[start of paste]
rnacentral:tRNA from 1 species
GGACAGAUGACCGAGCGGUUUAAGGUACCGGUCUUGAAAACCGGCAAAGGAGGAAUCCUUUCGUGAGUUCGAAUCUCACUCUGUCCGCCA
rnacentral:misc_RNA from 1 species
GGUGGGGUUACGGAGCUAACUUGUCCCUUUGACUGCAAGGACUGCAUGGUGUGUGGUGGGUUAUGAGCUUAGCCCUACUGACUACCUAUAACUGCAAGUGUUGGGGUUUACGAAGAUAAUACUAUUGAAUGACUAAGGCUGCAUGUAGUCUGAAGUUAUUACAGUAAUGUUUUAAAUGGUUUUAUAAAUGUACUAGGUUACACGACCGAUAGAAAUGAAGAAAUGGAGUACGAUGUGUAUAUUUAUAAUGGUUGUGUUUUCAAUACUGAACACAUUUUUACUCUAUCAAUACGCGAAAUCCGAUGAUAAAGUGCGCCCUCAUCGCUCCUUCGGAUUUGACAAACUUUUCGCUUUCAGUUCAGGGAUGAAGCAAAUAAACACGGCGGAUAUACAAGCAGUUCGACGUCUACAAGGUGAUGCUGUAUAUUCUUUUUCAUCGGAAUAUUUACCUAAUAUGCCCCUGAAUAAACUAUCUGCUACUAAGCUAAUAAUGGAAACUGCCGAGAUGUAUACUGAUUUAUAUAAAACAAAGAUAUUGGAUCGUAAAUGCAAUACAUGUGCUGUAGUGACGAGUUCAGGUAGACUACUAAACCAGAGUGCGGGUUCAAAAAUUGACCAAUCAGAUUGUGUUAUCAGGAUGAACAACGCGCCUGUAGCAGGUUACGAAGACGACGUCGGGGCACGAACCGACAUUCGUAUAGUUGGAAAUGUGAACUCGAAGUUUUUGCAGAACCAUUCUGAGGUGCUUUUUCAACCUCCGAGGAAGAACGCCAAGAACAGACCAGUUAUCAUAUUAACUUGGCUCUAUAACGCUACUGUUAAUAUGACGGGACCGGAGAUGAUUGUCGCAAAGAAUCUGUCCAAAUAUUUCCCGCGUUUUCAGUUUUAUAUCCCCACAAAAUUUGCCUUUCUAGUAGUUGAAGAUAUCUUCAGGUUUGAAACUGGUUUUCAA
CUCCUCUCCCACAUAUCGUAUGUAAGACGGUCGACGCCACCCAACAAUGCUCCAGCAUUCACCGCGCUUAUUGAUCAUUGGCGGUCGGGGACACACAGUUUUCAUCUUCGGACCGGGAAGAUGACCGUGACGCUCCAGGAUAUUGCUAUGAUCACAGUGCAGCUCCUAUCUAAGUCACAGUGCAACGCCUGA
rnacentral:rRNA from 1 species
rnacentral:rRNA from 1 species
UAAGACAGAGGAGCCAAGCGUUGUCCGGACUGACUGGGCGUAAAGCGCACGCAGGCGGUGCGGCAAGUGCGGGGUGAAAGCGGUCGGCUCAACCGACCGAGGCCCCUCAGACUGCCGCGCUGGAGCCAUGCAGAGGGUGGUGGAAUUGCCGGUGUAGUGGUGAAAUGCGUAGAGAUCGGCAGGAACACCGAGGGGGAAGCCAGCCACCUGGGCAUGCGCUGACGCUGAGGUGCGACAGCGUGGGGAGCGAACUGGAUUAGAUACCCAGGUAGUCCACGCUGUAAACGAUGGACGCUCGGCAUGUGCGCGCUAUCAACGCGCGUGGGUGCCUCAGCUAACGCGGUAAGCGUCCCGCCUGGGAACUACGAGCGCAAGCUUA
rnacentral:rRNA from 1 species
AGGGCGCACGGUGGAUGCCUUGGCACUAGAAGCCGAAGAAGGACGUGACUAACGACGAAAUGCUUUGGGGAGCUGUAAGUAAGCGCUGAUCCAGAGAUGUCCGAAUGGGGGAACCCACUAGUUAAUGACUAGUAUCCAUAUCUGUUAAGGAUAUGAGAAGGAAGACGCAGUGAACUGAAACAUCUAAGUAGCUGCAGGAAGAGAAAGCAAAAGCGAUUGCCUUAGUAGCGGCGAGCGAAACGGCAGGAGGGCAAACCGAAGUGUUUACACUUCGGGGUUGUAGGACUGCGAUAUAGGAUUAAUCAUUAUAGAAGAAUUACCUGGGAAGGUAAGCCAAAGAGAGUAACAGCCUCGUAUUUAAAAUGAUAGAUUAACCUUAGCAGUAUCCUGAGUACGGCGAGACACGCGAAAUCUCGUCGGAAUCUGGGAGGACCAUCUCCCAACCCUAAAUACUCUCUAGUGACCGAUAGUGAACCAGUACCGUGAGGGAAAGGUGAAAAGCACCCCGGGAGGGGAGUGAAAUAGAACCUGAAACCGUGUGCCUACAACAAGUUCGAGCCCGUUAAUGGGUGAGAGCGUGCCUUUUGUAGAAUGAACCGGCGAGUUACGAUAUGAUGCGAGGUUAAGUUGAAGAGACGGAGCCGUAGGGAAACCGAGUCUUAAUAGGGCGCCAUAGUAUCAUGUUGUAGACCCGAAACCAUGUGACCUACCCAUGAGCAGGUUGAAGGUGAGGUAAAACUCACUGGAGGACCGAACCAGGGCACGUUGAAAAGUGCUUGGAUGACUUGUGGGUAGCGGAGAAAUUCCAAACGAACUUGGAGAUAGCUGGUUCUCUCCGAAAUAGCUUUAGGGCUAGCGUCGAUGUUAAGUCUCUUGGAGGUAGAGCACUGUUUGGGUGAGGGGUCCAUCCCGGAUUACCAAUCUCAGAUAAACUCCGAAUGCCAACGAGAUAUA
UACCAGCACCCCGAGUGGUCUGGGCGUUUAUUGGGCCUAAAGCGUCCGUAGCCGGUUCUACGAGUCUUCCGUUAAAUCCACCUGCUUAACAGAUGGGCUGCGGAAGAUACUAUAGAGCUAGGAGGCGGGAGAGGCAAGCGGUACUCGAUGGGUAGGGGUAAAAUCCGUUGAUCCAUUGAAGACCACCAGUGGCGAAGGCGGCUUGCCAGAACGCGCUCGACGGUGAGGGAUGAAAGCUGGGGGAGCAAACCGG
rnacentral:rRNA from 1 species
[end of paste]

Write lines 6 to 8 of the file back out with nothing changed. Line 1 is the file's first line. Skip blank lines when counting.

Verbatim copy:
rnacentral:rRNA from 1 species
rnacentral:rRNA from 1 species
UAAGACAGAGGAGCCAAGCGUUGUCCGGACUGACUGGGCGUAAAGCGCACGCAGGCGGUGCGGCAAGUGCGGGGUGAAAGCGGUCGGCUCAACCGACCGAGGCCCCUCAGACUGCCGCGCUGGAGCCAUGCAGAGGGUGGUGGAAUUGCCGGUGUAGUGGUGAAAUGCGUAGAGAUCGGCAGGAACACCGAGGGGGAAGCCAGCCACCUGGGCAUGCGCUGACGCUGAGGUGCGACAGCGUGGGGAGCGAACUGGAUUAGAUACCCAGGUAGUCCACGCUGUAAACGAUGGACGCUCGGCAUGUGCGCGCUAUCAACGCGCGUGGGUGCCUCAGCUAACGCGGUAAGCGUCCCGCCUGGGAACUACGAGCGCAAGCUUA